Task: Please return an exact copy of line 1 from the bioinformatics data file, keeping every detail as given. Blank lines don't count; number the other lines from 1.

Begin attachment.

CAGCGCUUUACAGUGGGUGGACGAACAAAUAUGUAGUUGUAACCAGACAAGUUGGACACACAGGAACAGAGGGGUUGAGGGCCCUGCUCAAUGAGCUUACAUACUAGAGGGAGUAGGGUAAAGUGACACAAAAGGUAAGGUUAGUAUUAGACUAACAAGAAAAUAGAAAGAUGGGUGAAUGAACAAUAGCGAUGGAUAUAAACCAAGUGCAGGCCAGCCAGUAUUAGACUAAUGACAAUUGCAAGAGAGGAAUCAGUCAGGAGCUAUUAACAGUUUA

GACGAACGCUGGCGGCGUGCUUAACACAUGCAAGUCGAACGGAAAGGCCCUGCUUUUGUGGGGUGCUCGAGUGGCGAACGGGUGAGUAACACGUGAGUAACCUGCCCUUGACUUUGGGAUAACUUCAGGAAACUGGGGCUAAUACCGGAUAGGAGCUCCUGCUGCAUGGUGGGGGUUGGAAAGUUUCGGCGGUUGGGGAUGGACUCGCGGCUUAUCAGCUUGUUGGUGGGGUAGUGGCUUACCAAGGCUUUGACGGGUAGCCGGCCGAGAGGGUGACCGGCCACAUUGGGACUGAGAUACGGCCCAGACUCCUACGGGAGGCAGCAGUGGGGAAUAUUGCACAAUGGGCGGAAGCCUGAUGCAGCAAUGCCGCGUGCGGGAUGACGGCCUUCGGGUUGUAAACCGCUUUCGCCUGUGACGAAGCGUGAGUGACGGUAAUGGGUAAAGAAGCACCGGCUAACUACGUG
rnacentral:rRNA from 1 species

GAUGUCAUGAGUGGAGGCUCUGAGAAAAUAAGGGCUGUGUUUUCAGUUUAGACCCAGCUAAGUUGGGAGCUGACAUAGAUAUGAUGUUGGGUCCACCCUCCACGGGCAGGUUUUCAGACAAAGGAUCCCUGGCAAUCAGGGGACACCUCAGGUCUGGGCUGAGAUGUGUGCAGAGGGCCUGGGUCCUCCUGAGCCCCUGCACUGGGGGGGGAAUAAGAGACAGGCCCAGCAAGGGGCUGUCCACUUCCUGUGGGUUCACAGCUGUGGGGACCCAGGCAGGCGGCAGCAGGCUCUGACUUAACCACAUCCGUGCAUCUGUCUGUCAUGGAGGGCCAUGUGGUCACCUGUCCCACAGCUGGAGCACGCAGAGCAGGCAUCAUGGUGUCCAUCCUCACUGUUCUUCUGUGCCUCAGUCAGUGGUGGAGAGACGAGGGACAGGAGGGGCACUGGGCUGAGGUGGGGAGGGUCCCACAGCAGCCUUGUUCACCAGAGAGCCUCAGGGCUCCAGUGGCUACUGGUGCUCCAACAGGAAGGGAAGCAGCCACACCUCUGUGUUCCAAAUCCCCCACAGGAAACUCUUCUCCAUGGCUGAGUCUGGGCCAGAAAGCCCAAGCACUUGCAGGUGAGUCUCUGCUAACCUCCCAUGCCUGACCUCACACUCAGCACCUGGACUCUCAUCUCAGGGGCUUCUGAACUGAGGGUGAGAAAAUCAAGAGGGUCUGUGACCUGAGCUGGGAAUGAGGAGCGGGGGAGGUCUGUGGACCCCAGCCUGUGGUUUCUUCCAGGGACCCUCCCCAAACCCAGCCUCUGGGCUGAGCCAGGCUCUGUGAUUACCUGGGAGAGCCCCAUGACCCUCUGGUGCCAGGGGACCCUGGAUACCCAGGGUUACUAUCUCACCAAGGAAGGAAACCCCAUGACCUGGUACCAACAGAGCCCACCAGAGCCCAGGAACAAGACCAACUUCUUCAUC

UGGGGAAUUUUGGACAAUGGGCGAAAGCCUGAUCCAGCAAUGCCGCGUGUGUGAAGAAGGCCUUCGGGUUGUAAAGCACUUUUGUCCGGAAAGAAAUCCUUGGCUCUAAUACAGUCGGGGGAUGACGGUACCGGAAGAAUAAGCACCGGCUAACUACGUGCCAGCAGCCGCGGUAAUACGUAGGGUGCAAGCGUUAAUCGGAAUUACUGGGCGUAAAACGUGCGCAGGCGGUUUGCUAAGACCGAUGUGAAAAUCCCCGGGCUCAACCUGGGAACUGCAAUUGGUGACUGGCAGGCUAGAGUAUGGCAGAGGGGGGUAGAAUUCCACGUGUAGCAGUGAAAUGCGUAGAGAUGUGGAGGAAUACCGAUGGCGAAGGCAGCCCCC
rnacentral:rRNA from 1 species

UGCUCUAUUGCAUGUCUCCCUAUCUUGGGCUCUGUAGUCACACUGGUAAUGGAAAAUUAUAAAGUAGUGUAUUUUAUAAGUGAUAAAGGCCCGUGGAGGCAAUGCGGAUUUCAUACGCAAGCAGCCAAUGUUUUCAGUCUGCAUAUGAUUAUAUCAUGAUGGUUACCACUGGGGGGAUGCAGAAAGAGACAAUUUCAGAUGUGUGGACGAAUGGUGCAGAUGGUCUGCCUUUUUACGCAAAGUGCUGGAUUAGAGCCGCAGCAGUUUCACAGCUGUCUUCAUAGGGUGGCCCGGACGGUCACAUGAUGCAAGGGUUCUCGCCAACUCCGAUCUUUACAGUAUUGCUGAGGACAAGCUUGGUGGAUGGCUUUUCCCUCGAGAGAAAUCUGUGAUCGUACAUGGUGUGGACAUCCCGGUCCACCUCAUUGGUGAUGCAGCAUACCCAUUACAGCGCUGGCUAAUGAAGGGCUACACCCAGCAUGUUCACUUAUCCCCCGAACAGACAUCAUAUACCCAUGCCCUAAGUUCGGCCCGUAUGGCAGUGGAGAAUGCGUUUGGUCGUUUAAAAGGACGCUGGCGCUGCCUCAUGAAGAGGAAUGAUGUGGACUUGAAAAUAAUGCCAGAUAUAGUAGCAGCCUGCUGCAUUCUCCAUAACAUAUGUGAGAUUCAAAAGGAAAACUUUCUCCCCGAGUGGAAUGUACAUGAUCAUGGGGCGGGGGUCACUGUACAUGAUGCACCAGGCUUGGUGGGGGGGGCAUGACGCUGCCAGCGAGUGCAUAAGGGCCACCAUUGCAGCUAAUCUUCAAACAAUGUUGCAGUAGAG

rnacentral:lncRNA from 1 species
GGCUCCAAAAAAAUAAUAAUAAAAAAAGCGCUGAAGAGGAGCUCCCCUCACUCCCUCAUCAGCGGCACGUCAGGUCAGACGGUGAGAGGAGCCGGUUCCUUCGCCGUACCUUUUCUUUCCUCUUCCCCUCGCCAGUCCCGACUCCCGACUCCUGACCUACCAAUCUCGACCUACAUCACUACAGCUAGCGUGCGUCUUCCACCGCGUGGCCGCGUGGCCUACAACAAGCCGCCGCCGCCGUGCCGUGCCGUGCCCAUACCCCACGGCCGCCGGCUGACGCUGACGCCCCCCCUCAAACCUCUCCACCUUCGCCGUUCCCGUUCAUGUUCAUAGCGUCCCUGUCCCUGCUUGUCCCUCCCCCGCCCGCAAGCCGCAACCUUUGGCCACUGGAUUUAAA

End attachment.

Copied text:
CAGCGCUUUACAGUGGGUGGACGAACAAAUAUGUAGUUGUAACCAGACAAGUUGGACACACAGGAACAGAGGGGUUGAGGGCCCUGCUCAAUGAGCUUACAUACUAGAGGGAGUAGGGUAAAGUGACACAAAAGGUAAGGUUAGUAUUAGACUAACAAGAAAAUAGAAAGAUGGGUGAAUGAACAAUAGCGAUGGAUAUAAACCAAGUGCAGGCCAGCCAGUAUUAGACUAAUGACAAUUGCAAGAGAGGAAUCAGUCAGGAGCUAUUAACAGUUUA